The Department of Education has issued guidance to student loan companies about collecting federal student loan payments after a three-year pause, according to documents obtained by Politico through a federal records request.
The documents, which were filed in November, indicated that the Education Department expected the first monthly payments to resume in October and interest to begin accruing in September, Politico reported.
“Servicers shall extend the temporary 0% interest rate, initially implemented with CR 5475, through 08/31/2023. All other requirements of CR 5475 remain in place,” the documents read.
In addition, student loan servicers are required to alert borrowers of payment resumption after Aug. 31.
Servicers will continue to issue refunds for payments received on or after March 13, 2020, “if the borrower requests the payment be refunded or if directed to do so by FSA [Federal Student Aid department],” the documents stated.
As part of the CARES Act, which was enacted into law in March 2020 in response to the COVID-19 pandemic, federal student loan payments have been paused and interest rates reduced to 0%. The payment pause was approved under former President Donald Trump and President Joe Biden has extended it multiple times.
But the White House announced last November that federal student loan payments would resume 60 days after the Education Department is allowed to initiate its student loan forgiveness plan or after Supreme Court litigation is resolved – whichever comes first.
If you’re a private student loan borrower, you won’t receive any federal student loan relief. But you can lower your monthly payments by refinancing your private student loans at a lower interest rate. Visit Credible to compare options from multiple lenders at once, without affecting your credit score.
SUPREME COURT ALLOWS $6 BILLION IN PAYMENTS TO CONTINUE IN STUDENT LOAN RELIEF CASE
Student loan forgiveness plan remains under Supreme Court review
In February, the Supreme Court heard arguments in two lawsuits against President Biden’s student loan forgiveness plan. The proposal could wipe out up to $10,000 in federal student loan debt and up to $20,000 for those who received Pell Grants. In total, the plan could eliminate up to $441 billion in student loan debt for more than 40 million borrowers, according to the Federal Reserve Bank of New York.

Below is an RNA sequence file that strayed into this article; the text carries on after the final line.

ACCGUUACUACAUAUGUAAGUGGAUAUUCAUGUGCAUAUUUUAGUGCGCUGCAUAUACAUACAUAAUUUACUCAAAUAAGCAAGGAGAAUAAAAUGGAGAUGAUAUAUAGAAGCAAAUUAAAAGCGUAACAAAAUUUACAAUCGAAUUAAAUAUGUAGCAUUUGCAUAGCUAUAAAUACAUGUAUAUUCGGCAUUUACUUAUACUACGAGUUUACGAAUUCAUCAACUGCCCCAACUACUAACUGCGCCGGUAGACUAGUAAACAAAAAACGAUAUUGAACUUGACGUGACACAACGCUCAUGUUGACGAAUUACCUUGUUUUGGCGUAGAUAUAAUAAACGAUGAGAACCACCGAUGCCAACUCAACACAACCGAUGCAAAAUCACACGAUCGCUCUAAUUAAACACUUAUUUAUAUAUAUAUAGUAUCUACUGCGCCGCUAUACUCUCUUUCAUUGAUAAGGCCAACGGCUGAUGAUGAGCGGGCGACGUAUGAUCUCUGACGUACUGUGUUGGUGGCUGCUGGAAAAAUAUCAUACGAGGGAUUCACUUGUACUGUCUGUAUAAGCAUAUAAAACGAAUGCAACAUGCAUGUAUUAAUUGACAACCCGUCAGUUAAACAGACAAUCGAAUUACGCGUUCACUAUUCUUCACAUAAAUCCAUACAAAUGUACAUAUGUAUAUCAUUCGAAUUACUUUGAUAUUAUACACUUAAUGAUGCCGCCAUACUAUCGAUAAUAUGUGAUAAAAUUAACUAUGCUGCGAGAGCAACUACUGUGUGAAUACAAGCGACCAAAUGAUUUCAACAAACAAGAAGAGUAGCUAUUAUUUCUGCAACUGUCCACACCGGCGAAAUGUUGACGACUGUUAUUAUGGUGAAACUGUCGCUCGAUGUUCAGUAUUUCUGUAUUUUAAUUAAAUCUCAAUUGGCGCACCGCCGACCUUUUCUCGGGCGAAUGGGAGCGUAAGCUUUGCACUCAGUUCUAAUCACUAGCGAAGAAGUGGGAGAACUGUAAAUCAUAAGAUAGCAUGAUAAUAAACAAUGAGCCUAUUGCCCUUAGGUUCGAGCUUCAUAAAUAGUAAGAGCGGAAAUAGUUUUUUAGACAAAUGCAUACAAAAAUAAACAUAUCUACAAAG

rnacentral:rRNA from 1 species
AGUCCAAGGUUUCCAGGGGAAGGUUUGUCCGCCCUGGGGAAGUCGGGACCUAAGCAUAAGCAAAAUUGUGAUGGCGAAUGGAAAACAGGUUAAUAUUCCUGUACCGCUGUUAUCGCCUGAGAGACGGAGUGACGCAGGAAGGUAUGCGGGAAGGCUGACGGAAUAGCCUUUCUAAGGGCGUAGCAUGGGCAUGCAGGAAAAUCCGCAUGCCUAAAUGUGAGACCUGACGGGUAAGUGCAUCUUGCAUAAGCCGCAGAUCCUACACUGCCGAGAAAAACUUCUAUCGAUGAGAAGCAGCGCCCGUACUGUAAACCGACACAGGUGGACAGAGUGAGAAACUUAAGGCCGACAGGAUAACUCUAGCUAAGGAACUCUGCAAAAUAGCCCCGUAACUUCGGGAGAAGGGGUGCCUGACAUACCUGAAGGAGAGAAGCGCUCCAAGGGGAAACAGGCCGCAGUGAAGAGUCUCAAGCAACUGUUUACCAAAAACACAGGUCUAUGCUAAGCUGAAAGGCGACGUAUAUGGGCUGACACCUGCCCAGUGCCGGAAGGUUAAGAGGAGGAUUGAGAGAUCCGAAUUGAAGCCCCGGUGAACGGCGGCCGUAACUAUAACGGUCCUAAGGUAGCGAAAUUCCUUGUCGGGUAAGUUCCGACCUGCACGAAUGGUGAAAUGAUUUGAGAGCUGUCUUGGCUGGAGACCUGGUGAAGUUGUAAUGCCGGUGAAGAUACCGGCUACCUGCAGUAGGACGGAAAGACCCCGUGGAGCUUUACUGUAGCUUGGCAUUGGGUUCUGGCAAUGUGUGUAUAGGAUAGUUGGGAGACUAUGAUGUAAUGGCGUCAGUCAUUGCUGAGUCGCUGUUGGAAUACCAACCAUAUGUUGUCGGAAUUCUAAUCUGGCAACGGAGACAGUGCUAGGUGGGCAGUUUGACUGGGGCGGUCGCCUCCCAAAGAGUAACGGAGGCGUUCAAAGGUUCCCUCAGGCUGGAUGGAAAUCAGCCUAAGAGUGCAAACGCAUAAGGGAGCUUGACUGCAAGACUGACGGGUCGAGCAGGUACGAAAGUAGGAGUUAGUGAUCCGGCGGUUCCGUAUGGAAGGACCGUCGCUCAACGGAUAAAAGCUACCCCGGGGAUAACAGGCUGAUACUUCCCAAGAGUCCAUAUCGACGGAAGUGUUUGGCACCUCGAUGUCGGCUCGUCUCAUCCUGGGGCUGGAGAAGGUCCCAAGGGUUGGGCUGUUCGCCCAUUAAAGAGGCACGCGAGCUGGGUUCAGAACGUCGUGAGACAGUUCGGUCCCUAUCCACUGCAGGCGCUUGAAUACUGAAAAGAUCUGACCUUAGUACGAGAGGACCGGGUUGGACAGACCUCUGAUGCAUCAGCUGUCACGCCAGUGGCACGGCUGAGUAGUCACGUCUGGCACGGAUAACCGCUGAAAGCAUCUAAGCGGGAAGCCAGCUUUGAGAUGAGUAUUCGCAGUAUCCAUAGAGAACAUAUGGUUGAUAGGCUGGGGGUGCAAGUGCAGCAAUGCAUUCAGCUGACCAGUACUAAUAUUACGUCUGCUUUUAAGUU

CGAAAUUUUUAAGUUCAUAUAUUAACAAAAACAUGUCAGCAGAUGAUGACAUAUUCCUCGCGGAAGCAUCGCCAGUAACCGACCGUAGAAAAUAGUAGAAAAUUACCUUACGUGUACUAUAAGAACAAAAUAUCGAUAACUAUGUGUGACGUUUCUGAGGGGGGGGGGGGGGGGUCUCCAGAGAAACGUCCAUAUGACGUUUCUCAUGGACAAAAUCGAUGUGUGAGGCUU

Federal student loan debt stands at $1.635 trillion and is carried by more than 43.8 million borrowers, according to EducationData.org. Should SCOTUS give Biden the green light for relief, those eligible would need to have individual incomes of less than $125,000 or $250,000 if they’re married couples.
But the president’s forgiveness program has faced a series of legal challenges since it was announced in August last year.
One lawsuit involves the states of Nebraska, Missouri, Arkansas, Iowa, Kansas and South Carolina. They claimed the proposal would unlawfully harm their tax revenues. These states also said the president was unjustly using the Higher Education Relief Opportunities for Students (HEROES) Act of 2003 to initiate widespread debt cancellation.
Biden, who has announced he is running for re-election, claims the Department’s proposal is in line with the law.
But in another case, two individuals had argued that the process for creating Biden’s relief plan was unlawful.
The Supreme Court is expected to issue rulings on the lawsuits in late June or early July.
Should President Biden’s student loan forgiveness plan become law, private student loan borrowers would not benefit. However, you can reduce your monthly payments by refinancing your private student loans to a lower interest rate. Visit Credible to speak to a student loan professional and get your questions answered.
SECURE 2.0 ACT: STUDENT LOAN PAYMENTS WILL COUNT TOWARD 401(K) MATCHING CONTRIBUTIONS
Supreme Court declines to block $6B student loan settlement
Even though federal student loan borrowers may begin repayment later this year, thousands of borrowers could still get some debt relief.
That’s because the Supreme Court declined to pause $6 billion in payments related to a settlement stemming from the Sweet v. Cardona lawsuit. This 2019 class-action lawsuit claimed the Department of Education had unreasonably delayed pending borrower defense claims.
The federal government may forgive student loan debt taken on by borrowers who attended educational institutions that engaged in misconduct that violated certain state laws, according to StudentAid.gov.
By 2022, the government had reached a settlement with borrowers. But earlier this year, Lincoln Educational Services Corp., American National University and Everglades Colleges Inc – which were named in the suit – petitioned SCOTUS for a stay on the payments.
The highest court denied that move and payments were allowed to resume. The suit involved more than 200,000 students who attended a school on the “Exhibit C” list published by the Project on Predatory Student Lending (PPSL), which represented borrowers in the suit.
Class-action members are expected have their outstanding student loans fully discharged and are expected to receive refunds for amounts paid toward eligible loans, the PPSL said. Relief should come on or before January 28, 2024, the PPSL reported.
If you’re not involved in the lawsuit, you likely won’t get relief related to the settlement. But you can still reduce your private student loan payments by consolidating these loans for a lower interest rate. Visit Credible to get your personalized rate in minutes.
BIDEN ADMINISTRATION UNVEILS DEFENSE OF STUDENT LOAN FORGIVENESS PLAN AT SUPREME COURT
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